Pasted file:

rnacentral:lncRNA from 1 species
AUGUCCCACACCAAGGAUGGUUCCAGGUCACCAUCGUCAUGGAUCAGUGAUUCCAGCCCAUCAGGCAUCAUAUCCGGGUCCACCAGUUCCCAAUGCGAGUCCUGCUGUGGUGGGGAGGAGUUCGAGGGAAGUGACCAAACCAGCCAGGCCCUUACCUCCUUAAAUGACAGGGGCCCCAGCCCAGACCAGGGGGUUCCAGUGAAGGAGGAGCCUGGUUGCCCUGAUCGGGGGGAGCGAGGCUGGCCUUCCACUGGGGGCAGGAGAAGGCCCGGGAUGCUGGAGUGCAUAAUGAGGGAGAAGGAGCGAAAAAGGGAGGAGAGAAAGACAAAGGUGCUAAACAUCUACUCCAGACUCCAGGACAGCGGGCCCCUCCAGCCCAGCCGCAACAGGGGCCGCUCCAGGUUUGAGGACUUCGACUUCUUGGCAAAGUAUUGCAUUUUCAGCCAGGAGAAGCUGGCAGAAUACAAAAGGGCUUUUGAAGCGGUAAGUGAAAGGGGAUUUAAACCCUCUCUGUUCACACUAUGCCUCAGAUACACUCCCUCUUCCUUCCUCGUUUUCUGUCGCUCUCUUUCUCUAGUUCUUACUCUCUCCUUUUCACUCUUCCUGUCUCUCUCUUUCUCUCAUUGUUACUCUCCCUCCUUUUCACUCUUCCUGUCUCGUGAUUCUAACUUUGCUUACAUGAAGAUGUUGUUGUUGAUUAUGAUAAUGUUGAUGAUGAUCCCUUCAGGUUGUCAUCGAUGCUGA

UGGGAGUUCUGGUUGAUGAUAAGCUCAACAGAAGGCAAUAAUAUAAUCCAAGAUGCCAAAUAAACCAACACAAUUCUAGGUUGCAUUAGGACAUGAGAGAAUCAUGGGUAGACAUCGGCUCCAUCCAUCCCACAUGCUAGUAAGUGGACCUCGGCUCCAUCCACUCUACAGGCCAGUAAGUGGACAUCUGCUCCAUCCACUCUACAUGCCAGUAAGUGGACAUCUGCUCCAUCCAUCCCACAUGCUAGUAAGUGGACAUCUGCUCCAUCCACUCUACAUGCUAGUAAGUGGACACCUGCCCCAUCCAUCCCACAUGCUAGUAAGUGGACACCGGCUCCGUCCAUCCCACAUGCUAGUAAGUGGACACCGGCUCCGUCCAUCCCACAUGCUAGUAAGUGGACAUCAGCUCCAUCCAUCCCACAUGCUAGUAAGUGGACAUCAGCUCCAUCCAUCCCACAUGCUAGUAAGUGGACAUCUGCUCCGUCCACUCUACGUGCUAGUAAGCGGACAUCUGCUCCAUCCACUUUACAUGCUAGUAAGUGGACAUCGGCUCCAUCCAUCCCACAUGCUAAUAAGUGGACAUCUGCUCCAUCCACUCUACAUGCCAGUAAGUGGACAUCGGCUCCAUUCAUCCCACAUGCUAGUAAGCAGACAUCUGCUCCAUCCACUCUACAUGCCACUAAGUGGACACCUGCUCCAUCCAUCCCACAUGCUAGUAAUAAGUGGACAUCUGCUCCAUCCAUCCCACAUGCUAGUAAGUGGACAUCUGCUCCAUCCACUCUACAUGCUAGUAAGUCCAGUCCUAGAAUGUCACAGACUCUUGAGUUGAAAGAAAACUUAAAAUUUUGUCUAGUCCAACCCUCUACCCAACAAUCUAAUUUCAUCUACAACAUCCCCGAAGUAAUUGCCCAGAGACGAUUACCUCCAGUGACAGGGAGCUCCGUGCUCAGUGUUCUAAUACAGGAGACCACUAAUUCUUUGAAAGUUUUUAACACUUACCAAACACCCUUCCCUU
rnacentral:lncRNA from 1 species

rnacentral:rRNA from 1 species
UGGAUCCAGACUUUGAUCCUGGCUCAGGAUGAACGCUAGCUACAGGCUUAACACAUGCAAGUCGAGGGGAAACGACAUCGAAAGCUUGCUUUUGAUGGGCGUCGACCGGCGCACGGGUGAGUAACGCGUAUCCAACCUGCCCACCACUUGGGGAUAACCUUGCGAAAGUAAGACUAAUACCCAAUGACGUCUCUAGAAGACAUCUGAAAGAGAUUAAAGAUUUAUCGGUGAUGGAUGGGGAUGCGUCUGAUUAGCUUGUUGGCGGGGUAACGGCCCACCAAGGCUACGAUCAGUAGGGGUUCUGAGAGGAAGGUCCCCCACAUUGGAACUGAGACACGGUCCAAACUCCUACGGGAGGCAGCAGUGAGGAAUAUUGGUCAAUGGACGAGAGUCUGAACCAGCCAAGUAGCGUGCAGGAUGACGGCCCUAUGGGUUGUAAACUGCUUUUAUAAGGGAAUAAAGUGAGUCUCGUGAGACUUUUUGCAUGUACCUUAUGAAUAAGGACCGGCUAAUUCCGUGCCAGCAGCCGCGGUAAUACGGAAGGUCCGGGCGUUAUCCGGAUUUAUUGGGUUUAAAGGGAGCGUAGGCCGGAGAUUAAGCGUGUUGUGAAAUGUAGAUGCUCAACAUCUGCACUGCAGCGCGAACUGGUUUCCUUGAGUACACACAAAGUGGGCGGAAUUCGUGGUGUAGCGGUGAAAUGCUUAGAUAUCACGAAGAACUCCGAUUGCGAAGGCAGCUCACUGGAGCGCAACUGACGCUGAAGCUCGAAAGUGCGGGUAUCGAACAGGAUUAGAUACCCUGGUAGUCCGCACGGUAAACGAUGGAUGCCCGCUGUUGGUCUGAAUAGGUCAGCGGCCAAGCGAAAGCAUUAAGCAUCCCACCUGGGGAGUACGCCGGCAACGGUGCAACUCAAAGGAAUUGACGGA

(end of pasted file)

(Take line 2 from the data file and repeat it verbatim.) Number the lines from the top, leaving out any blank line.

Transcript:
AUGUCCCACACCAAGGAUGGUUCCAGGUCACCAUCGUCAUGGAUCAGUGAUUCCAGCCCAUCAGGCAUCAUAUCCGGGUCCACCAGUUCCCAAUGCGAGUCCUGCUGUGGUGGGGAGGAGUUCGAGGGAAGUGACCAAACCAGCCAGGCCCUUACCUCCUUAAAUGACAGGGGCCCCAGCCCAGACCAGGGGGUUCCAGUGAAGGAGGAGCCUGGUUGCCCUGAUCGGGGGGAGCGAGGCUGGCCUUCCACUGGGGGCAGGAGAAGGCCCGGGAUGCUGGAGUGCAUAAUGAGGGAGAAGGAGCGAAAAAGGGAGGAGAGAAAGACAAAGGUGCUAAACAUCUACUCCAGACUCCAGGACAGCGGGCCCCUCCAGCCCAGCCGCAACAGGGGCCGCUCCAGGUUUGAGGACUUCGACUUCUUGGCAAAGUAUUGCAUUUUCAGCCAGGAGAAGCUGGCAGAAUACAAAAGGGCUUUUGAAGCGGUAAGUGAAAGGGGAUUUAAACCCUCUCUGUUCACACUAUGCCUCAGAUACACUCCCUCUUCCUUCCUCGUUUUCUGUCGCUCUCUUUCUCUAGUUCUUACUCUCUCCUUUUCACUCUUCCUGUCUCUCUCUUUCUCUCAUUGUUACUCUCCCUCCUUUUCACUCUUCCUGUCUCGUGAUUCUAACUUUGCUUACAUGAAGAUGUUGUUGUUGAUUAUGAUAAUGUUGAUGAUGAUCCCUUCAGGUUGUCAUCGAUGCUGA